Epilepsy and the elderly

Anne C. Van Cott, Mary Jo Pugh

Research output: Contribution to journalReview articlepeer-review


The highest incidence of new-onset epilepsy occurs in individuals over the age of 60. Seizures can be either provoked or unprovoked. Metabolic disturbances and alcohol withdrawal are common causes of acute provoked seizures, and treatment is directed towards the underlying provoking medical condition. In contrast, the diagnosis of epilepsy is made when a patient experiences recurrent unprovoked seizures. This article addresses the type of epilepsy older individuals experience, the causes of new-onset epilepsy in the elderly, the diagnostic evaluation of the older patient with spells of alteration in level of consciousness, and the treatment of epilepsy in the elderly.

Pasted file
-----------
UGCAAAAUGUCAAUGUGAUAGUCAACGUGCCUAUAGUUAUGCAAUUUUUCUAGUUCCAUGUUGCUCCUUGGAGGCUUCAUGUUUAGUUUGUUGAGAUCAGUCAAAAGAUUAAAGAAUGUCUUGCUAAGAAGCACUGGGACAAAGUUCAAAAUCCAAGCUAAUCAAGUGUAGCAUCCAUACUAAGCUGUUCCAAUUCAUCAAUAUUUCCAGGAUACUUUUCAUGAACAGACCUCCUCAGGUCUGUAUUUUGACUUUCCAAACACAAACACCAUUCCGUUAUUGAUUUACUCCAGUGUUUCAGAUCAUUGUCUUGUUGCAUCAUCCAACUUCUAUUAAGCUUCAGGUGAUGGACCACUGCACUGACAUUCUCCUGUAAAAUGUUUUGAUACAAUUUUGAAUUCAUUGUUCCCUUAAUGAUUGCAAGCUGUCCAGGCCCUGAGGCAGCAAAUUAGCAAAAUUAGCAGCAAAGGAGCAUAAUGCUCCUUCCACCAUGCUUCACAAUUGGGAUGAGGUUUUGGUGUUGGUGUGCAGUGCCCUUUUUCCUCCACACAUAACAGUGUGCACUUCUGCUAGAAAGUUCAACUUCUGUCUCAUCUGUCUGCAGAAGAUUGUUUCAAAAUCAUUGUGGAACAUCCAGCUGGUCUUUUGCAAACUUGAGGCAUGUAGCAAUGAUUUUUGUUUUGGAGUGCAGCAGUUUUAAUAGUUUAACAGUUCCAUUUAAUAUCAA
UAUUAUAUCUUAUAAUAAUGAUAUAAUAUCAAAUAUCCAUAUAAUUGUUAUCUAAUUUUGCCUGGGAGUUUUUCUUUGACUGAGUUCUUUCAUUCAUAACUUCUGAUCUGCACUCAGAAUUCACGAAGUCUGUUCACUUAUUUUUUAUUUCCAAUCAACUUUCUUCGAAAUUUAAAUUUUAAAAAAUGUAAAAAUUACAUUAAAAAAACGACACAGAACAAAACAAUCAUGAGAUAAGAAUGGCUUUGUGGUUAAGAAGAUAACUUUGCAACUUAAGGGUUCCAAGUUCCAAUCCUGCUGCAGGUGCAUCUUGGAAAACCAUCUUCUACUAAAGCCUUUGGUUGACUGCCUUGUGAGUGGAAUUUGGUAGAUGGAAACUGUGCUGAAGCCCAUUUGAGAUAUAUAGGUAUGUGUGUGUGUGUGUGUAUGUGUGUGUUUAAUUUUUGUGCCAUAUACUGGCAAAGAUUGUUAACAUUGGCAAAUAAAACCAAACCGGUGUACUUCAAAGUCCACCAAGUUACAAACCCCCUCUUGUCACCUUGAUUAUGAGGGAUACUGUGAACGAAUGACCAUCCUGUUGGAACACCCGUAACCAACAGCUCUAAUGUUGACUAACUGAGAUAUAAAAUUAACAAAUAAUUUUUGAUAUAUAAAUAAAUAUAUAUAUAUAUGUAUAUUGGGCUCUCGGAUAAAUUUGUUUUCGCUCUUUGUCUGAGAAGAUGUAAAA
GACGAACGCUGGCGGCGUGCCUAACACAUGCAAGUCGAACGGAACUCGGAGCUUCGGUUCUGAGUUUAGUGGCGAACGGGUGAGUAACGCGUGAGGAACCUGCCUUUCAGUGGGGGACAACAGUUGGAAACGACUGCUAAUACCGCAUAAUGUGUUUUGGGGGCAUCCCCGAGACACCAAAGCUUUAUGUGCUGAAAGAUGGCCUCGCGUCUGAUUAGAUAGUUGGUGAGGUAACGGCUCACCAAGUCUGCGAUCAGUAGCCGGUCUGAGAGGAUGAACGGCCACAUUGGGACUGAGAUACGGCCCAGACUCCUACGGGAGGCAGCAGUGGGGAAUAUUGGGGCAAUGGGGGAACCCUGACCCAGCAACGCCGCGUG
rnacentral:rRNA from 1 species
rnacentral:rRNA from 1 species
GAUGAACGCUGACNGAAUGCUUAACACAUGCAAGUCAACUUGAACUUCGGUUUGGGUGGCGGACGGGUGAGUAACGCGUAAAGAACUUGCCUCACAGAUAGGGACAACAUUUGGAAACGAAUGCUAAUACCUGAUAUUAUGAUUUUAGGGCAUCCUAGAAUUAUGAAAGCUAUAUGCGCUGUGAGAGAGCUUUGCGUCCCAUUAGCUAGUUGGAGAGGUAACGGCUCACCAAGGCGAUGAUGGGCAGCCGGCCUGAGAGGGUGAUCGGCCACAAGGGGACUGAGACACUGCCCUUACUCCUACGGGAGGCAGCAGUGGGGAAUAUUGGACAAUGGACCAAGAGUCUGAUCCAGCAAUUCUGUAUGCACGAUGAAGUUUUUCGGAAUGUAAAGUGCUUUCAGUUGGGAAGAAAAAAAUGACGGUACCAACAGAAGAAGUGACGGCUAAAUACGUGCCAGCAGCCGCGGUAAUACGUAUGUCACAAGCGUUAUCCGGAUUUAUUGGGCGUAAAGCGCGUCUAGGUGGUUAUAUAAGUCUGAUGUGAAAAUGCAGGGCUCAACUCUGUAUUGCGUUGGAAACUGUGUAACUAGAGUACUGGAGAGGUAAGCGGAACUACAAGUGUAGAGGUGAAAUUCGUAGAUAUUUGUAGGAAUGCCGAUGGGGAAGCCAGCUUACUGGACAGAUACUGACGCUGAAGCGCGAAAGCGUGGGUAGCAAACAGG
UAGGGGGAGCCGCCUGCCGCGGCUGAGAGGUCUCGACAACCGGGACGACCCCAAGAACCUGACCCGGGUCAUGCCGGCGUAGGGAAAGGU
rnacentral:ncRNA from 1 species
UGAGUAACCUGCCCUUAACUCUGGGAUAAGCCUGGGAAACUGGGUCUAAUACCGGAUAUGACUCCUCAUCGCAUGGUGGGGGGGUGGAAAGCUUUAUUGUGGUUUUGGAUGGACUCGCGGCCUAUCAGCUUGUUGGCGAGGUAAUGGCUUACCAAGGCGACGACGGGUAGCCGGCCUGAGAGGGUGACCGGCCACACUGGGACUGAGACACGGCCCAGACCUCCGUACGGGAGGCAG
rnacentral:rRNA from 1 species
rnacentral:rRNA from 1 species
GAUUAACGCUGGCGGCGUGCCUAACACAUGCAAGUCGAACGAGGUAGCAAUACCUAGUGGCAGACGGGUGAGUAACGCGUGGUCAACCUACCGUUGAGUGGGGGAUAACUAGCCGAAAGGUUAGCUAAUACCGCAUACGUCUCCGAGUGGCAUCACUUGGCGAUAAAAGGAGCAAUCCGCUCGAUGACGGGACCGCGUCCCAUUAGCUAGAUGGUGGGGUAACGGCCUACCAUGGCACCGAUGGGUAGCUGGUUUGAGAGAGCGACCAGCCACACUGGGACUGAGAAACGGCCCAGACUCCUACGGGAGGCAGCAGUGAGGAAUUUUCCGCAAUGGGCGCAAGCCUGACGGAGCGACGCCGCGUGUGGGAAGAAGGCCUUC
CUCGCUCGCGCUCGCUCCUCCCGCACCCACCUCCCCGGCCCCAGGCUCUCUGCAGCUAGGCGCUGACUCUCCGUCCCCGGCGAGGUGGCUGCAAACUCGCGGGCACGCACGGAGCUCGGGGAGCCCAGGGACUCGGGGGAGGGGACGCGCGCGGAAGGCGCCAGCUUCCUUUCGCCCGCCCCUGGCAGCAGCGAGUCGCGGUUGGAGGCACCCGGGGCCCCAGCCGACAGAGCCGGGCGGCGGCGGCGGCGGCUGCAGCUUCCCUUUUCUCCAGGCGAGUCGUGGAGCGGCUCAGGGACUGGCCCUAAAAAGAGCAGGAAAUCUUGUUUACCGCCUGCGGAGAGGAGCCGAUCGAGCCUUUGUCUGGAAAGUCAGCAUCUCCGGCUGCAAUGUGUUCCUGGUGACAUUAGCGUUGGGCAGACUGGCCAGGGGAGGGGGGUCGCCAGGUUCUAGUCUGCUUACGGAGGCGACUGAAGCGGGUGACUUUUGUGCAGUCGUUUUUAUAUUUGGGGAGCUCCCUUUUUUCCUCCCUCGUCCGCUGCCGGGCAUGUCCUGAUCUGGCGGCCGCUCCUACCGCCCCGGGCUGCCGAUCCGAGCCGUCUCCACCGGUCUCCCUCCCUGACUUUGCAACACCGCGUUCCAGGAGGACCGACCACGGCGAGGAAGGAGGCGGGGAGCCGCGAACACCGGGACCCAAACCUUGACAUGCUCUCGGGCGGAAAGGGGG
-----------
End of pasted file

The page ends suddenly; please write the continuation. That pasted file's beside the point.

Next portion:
Original languageEnglish (US)
Pages (from-to)28-32
Number of pages5
JournalAnnals of Long-Term Care
Issue number1
StatePublished - 2008

ASJC Scopus subject areas

  • Gerontology
  • Geriatrics and Gerontology


Dive into the research topics of 'Epilepsy and the elderly'. Together they form a unique fingerprint.

Cite this